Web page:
Rohingya Muslims compelled to accept NVC cards that revoke citizenship

Myanmar authorities are allegedly compelling the minority Rohingya Muslims to fill identity cards , which will give them a foreigner status in their own country, a Thailand-based rights group said.

The country has been globally criticized for its crack down on the Rohingya, often termed as ‘ethnic cleansing’. The Myanmar government seems unaffected by the outrage, and is continuing to make Rohingyas accept National Verification Cards (NVCs).

Matthew Smith, Fortify Rights group’s chief executive officer said, “The Myanmar government is trying to destroy the Rohingya people through an administrative process that effectively strips them of basic rights.”

The government has been forcing Rohingya to accept the NVCs that strip them from their nationality, according to the group said.

“Myanmar authorities tortured Rohingya and imposed restrictions on Rohingya freedom of movement in the context of implementing the NVC process,” it further stated.

Myanmar began the ethnic cleansing of Rohingya Muslims in 2015, and has since denied them citizenship, calling them as illegal immigrants from neighboring Bangladesh. However, the minority traces its roots in Rakhine State in western Myanmar for centuries.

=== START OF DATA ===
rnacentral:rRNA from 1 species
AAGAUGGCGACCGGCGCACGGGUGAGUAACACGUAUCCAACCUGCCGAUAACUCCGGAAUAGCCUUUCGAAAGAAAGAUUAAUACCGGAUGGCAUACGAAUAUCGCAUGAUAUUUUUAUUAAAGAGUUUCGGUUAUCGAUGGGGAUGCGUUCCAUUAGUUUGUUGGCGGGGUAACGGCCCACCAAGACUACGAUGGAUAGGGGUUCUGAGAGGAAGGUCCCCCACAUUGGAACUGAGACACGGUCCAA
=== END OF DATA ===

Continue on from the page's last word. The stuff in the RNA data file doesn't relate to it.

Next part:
Rakhine State gained prominence after 730,000 Rohingya Muslims were forced to take shelter in Bangladesh in 2017, after a military crackdown retaliating the militant attacks.

Military spokesman Major General Tun Tun Nyi said that the accusations held no base, and that Rohingya Muslims were not being forced to accept the cards through torture.

Many Rohingyas are refraining to return unless their security is assured, and they are given citizen-status.

In 2018, a United Nation fact-finding operation claimed that the 2017 military crackdown in Rakhine State was planned with “genocidal intent”, and suggested to charge the military Commander-in-Chief, Min Aung Hlaing and five other generals for carrying out the “gravest crimes under international law”.

Though Myanmar dismissed the allegations, Min Aung Hlaing recently said a couple of security members may be culprit.

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